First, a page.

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FIRST printed in the folio of 1623.-Dr. Simon Forman in his Ms. Diary (Mus. Ashmol. Oxon.) has given an elaborate account of this tragedy, which he saw "at the Globe, 1610, the 20th of April, Saturday." Malone thinks that it was originally performed in 1606, because in act ii. sc. 1, the Porter says, "Here's a farmer that hanged himself on the expectation of plenty," and "here's an equivocator that could swear in both the scales against either scale; who committed treason enough for God's sake, yet could not equivocate to heaven," the former passage, he conceives, alluding to the state of the corn-market in 1606, the latter to Garnet's avowed equivocation and gross perjury at his trial (for the Gunpowder Treason) on March 28th of that year. See Life of Shakespeare, p. 407 sqq. Mr. Collier believes that Macbeth was not a new play when Forman saw it acted, because "the words,
some I see
That twofold balls and treble sceptres carry,'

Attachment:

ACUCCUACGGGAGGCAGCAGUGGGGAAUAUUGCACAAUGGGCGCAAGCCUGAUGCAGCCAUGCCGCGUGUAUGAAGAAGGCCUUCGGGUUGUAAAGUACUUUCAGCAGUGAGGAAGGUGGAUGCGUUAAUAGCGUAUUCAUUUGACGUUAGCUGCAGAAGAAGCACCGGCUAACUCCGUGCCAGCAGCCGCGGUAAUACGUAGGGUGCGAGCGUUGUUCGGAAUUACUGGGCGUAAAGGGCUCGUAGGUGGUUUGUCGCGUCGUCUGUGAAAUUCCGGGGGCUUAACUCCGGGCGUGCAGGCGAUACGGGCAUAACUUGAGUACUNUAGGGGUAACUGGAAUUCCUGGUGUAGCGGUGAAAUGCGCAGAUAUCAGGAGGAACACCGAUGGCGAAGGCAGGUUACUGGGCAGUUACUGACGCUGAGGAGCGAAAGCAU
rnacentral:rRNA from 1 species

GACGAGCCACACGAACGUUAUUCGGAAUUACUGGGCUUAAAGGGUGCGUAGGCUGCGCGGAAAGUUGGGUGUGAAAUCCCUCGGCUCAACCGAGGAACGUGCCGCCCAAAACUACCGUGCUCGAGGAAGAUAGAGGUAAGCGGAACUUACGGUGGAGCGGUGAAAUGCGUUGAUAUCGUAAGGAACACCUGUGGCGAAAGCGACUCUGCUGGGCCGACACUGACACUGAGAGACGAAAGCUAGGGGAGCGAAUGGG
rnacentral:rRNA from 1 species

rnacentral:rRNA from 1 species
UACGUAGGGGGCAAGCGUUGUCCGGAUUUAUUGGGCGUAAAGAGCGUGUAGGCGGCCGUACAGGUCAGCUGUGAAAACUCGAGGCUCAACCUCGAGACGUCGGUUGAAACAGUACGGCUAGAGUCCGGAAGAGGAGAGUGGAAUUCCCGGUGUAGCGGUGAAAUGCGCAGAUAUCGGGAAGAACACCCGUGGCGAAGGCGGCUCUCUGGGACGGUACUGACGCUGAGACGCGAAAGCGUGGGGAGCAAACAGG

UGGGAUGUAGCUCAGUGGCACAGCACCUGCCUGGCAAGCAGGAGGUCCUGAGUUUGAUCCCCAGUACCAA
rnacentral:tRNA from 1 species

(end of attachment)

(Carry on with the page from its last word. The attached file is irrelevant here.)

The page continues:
would have had little point, if we suppose them to have been delivered after the king who bore the balls and sceptres had been more than seven years on the throne. James was proclaimed King of Great Britain and Ireland on the 24th of October 1604; and we may perhaps conclude that Shakespeare wrote Macbeth in the year 1605, and that it was first acted at the Globe, when it was opened for the summer season, in the spring of 1606." Introd. to Macbeth.-Farmer conjectures, very improbably, that the tragedy might have been suggested to Shakespeare by an interlude which was played at Oxford before King James in 1605: see the notes appended to Macbeth in the Variorum Shakespeare.-Holinshed, it is plain, furnished all
the materials for Macbeth.
DUNCAN, king of Scotland.
} his sons.
generals of the King's army.
FLEANCE, son to Banquo.
SIWARD, earl of Northumberland, general of the English forces.
Young SIWARD, his son.
noblemen of Scotland.
SEYTON, an officer attending on Macbeth.
Boy, son to Macduff.
An English Doctor.
A Scotch Doctor.
An Old Man.
Gentlewoman attending on Lady Macbeth.
Lords, Gentlemen, Officers, Soldiers, Murderers, Attendants, and Messengers.
SCENE―in the end of the fourth act in England; through the rest of the play in Scotland.